Canada's ambassador to China said Wednesday there is a chill in relations between the two countries since Beijing imprisoned two Canadians, but his top priority is winning their release and resetting the relationship.
Dominic Barton offered that assessment in testimony before a special House of Commons committee studying the strained relationship between the two countries, which was already tense when he was named to the post last fall.
Barton said his main concern is winning the release of Michael Kovrig and Michael Spavor, both detained by China in December 2018 in what is widely seen as retaliation for Canada's arrest of Chinese Huawei executive Meng Wanzhou, the daughter of the company's founder.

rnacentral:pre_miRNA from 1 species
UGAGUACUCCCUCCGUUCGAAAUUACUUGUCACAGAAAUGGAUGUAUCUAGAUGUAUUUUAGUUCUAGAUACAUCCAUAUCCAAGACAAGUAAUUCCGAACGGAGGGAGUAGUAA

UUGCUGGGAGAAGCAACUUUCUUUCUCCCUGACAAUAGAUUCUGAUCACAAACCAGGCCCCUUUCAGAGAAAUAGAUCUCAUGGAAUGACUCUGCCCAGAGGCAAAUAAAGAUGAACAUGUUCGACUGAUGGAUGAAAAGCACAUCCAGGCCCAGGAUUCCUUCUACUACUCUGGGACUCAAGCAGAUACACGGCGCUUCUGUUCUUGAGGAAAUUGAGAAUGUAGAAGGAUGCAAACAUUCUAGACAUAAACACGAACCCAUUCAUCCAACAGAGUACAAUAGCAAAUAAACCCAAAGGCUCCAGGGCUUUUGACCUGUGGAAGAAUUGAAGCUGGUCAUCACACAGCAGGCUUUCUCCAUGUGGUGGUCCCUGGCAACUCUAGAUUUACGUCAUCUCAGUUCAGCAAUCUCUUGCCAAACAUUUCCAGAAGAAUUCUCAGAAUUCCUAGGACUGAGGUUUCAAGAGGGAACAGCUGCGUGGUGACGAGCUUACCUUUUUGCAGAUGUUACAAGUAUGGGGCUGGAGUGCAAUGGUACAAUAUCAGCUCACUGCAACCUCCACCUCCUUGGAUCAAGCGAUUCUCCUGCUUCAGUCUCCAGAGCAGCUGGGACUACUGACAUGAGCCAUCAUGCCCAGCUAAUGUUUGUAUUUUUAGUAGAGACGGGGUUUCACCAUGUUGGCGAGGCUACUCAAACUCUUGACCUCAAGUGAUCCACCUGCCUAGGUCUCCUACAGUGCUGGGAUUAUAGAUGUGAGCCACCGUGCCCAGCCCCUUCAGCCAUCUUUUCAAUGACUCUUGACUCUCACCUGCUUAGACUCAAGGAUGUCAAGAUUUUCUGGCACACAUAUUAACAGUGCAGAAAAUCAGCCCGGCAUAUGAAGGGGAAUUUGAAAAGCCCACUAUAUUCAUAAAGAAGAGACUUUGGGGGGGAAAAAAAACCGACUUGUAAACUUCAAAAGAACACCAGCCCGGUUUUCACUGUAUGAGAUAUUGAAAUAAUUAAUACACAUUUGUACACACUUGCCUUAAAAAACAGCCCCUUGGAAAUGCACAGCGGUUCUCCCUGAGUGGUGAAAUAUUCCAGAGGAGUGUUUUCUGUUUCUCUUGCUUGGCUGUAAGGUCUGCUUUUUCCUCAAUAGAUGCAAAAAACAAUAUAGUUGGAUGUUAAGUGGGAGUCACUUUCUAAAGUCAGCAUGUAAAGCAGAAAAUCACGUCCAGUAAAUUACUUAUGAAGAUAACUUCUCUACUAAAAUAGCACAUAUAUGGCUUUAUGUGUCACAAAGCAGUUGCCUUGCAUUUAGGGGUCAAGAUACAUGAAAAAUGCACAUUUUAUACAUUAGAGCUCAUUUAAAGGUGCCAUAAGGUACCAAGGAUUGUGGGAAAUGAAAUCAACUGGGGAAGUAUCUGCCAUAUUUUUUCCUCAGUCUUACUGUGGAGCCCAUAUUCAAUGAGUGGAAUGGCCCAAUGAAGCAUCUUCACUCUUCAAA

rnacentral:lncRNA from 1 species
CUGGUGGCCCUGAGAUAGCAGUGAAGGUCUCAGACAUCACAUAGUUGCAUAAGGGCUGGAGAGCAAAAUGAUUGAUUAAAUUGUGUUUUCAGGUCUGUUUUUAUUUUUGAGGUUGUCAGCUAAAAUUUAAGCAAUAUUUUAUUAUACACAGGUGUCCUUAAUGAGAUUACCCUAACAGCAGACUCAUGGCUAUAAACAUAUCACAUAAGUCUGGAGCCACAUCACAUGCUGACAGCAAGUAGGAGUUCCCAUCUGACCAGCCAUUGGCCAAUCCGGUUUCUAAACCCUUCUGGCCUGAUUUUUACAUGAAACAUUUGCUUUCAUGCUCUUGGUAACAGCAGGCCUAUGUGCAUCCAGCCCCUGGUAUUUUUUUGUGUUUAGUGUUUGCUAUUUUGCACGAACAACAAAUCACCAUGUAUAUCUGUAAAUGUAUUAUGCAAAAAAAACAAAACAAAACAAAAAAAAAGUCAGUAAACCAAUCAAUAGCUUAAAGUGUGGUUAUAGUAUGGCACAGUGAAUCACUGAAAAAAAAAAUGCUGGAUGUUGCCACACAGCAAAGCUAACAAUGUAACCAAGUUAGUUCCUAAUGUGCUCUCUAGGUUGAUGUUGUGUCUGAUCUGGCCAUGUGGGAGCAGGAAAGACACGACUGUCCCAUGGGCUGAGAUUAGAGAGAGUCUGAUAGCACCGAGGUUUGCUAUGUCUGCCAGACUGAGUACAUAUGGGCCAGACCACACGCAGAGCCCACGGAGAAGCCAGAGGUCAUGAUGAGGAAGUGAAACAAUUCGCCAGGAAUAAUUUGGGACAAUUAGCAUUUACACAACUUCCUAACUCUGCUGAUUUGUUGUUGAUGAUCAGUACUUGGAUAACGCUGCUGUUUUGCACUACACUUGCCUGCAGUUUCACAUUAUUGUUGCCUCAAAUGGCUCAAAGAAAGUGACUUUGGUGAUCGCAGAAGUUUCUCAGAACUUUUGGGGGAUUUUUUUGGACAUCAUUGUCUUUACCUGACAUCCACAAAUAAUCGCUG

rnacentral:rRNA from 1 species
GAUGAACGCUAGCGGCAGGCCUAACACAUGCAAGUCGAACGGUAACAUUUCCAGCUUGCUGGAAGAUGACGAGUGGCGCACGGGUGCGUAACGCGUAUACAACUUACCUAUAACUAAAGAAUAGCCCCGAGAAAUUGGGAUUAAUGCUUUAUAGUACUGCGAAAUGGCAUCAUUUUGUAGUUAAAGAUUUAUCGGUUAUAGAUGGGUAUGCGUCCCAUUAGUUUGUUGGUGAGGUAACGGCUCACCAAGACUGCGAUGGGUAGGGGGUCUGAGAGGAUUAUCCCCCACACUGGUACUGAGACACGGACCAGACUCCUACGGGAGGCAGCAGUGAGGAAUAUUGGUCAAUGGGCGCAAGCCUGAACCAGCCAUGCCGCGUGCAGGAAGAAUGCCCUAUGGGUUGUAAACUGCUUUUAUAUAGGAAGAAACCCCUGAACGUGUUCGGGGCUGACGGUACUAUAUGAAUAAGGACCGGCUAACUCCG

Canadian police arrested Meng in Vancouver on a U.S. extradition request, and nine days later Kovrig and Spavor were detained by the Chinese and accused of violating China's national security.
Neither Kovrig nor Spavor has seen a lawyer or been permitted visits from their families, while Meng has been released on bail and is living in a luxurious Vancouver home while her extradition hearing plays out.
Barton said other priorities include clemency for Canadian Robert Schellenberg, who was given a death sentence in January 2019 after having been previously sentenced to prison for drug smuggling.
"The chill is real," Barton said.
He said both sides were shaking with anger during his first diplomatic meeting with Chinese officials.
"The first conversation I had was probably one of the most unpleasant conversations I have ever had," he said.
Barton said he has now met with all three imprisoned Canadian men and is impressed with how they are holding up. He said he plans to make further personal visits.
"I hope that our efforts will soon bear fruit," he said, without elaborating. "I am unbelievably inspired by their resilience.''